next.js multiple environments build

Dzung Nguyen
3 min readJan 27, 2018



Next.js is a minimalistic framework for the universal web application using ReactJS. It was open-sourced 25th October 2016. The company behind Next is ZEIT. It has huge contributors out there to maintain and improve. Next provides easy interfaces for web development and has some advantages such as:

  • Supports server rendering natively.
  • There are many small examples of integrations between next.js and other libraries or technologies (check them out here).
  • The documentation is very clean and up-to-date.
  • Next takes care of all basic configs. Allowing to extend configs of webpack or babel…
  • It has a huge community to support when we got issues.

Recently, we have used next.js for some experiment projects in our company (You can check here to know why we chose next.js). During development, we met a problem with multiple env builds.

next build — development vs production


  • Next only builds a page that you are visiting.
  • Every single changed, Next rebuilds your web app into “.next” directory, but only a page that you are visiting for speed up development.

For example:

  • Our web app has 6 pages: home (index.js), create new (action.js), listing (listing.js) register & login (auth.js), list of accounts (accounts.js), detail account (detail_account.js).
  • When visiting “home” page, Next will bundle everything belongs to “home” page (index.js).
  • Similarly with “create new” page, Next bundles everything belongs to “create new” page (action.js) into “.next” directory.


  • Next bundles everything belongs to our web app into “.next” directory.
  • When you visit a page, next will not rebuild again because it already built in “.next” directory.


In our process, we divided a development environment (env) into 3 parts:

  • Development: for Engineers to develop features.
  • Staging: for Quality Assurance (QA) to test features before it comes to real production.
  • Production: for Users to use features.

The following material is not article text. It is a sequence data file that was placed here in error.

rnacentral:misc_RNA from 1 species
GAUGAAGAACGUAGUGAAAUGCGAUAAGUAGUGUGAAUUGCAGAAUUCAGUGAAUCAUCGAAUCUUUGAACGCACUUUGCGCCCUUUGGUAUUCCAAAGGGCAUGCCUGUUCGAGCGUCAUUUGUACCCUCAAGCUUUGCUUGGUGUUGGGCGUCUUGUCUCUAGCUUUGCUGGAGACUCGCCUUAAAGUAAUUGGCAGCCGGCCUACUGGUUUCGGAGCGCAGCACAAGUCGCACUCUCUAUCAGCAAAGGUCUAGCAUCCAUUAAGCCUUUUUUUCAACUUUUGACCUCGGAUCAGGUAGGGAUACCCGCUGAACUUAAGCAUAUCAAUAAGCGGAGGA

Each env uses different configs, API endpoints, resources (CPU, RAM, …). But the staging and production have to be as similar as possible.

Below is our package.json scripts to manage to build and run of our web app


We have 4 commands. In each environment, we will run with order:


  • npm start


  • npm run build
  • npm run start:staging


  • npm run build
  • npm run start:production

After run commands above, we have the NODE_ENV, then we can get configs of that NODE_ENV to serve our stuff.



While development & production work well. We met a problem at “staging” env. Here is what happened when we build & run our web app in staging env:

  • npm run build: Next bundles everything (page, resource, …) into “.next” directory.
  • npm run start:staging: Next detects NODE_ENV is not production. It automatically rebuilds our web app with development env everytime you visit a page.

That means in staging env, our web app is treated as development env. So when you visit a page, Next takes time to rebuild it again. It affects our performance and productivity of the team in staging env.


We found out that Next only support 2 env: development & production in “run command”. So if you pass NODE_ENV=production to “run command”, Next will not treat your app as development env.

So here are new “run commands” in package.json file:


In staging & production run commands, we pass NODE_ENV=production to notify Next that we want to build our web app in production mode. We also pass another argument called ENV to determine the environment value to load env resources from “config.js”.

In config files, we changed to use ENV instead of NODE_ENV.



This solution works well for our projects using Next. Of course, there are many solutions out there. If you have a better solution, you can give me the feedbacks.

Thank you very much!